A Swiss start-up company have introduced a new spot spraying robot which targets weeds which have survived an initial spraying, as reported in futurefarming.com.
The robot, ecoRobotix, is an autonomous and self-propelled driving vehicle, with a range of photovoltaic panels which provide it with solar power. This powers the two electric drive motors on board and equipment, which enable weed identification, navigation, and spraying.
The system is able to detect up to 95% of all weeds, whilst destroying them with minimal effort and chemicals. This is done through precise micro-dosing.
“Our vision is to contribute to the emergence of a form of agriculture that respects the environment, focusing on conservation of the soil and hydrological resources, and using a minimum amount of energy,”, said founder and CEO, Aurélien Demaurex.
“We will do that by developing innovative farming machines that require low energy and reduce the negative ecological impact of modern agriculture, while keeping costs competitive.”, he added.
- The ecoRobotix device is fitted with multi-link arms, which can make up to 4,000 movements every minute. This allows for the accurate positioning of the spray nozzle, which then allows for a targeted micro dose of herbicide.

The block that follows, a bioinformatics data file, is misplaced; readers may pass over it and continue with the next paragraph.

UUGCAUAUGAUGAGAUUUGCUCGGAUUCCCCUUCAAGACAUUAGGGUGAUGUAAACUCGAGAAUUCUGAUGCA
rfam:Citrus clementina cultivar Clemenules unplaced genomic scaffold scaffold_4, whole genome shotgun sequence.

- The robot weighs in at 130kgs and is fitted with a camera, a GNSS navigation system and an artificial vision system. This artificial vision system enables the detection of crop rows and weeds, while the spraying system then applies herbicides.
- The ecoRobotix is also fitted with a pair of multi-link arms which are suspended beneath the photovoltaic cells. These move quickly backwards, forwards and sideways to position the sprayer above targeted plants. They span 2m (6ft 6in) or 4 rows spaced 30-50cm (12-20in) apart. This is enough to cover up to 3 hectares (7.5 acres) a day at the machine’s 0.4 metre/second (1ft/sec) average speed.
To date, the start-up has succeeded in using detection and control systems for sugar beet and oilseed rape growth. They are also developing further upgrades for use on other crops. It is expected these will be introduced by the end of the year.